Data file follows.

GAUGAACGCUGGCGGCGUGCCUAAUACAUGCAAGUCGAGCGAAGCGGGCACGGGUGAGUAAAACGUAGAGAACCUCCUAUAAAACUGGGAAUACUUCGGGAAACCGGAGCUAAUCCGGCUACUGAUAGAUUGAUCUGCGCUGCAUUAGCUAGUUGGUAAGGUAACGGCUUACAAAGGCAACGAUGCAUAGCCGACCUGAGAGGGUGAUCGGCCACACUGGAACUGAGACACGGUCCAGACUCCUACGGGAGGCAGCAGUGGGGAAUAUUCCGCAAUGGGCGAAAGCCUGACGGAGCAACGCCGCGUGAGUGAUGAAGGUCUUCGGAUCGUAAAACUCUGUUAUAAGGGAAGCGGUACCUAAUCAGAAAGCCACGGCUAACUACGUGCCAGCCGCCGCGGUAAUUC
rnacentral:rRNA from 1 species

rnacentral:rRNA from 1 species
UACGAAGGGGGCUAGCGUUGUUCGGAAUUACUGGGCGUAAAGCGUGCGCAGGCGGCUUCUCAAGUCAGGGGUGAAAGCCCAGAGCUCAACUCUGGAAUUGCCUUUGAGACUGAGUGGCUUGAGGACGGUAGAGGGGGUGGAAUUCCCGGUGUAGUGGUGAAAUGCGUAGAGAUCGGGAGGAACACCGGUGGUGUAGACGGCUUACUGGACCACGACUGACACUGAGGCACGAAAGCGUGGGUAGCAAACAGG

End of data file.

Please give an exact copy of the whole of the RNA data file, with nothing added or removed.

GAUGAACGCUGGCGGCGUGCCUAAUACAUGCAAGUCGAGCGAAGCGGGCACGGGUGAGUAAAACGUAGAGAACCUCCUAUAAAACUGGGAAUACUUCGGGAAACCGGAGCUAAUCCGGCUACUGAUAGAUUGAUCUGCGCUGCAUUAGCUAGUUGGUAAGGUAACGGCUUACAAAGGCAACGAUGCAUAGCCGACCUGAGAGGGUGAUCGGCCACACUGGAACUGAGACACGGUCCAGACUCCUACGGGAGGCAGCAGUGGGGAAUAUUCCGCAAUGGGCGAAAGCCUGACGGAGCAACGCCGCGUGAGUGAUGAAGGUCUUCGGAUCGUAAAACUCUGUUAUAAGGGAAGCGGUACCUAAUCAGAAAGCCACGGCUAACUACGUGCCAGCCGCCGCGGUAAUUC
rnacentral:rRNA from 1 species

rnacentral:rRNA from 1 species
UACGAAGGGGGCUAGCGUUGUUCGGAAUUACUGGGCGUAAAGCGUGCGCAGGCGGCUUCUCAAGUCAGGGGUGAAAGCCCAGAGCUCAACUCUGGAAUUGCCUUUGAGACUGAGUGGCUUGAGGACGGUAGAGGGGGUGGAAUUCCCGGUGUAGUGGUGAAAUGCGUAGAGAUCGGGAGGAACACCGGUGGUGUAGACGGCUUACUGGACCACGACUGACACUGAGGCACGAAAGCGUGGGUAGCAAACAGG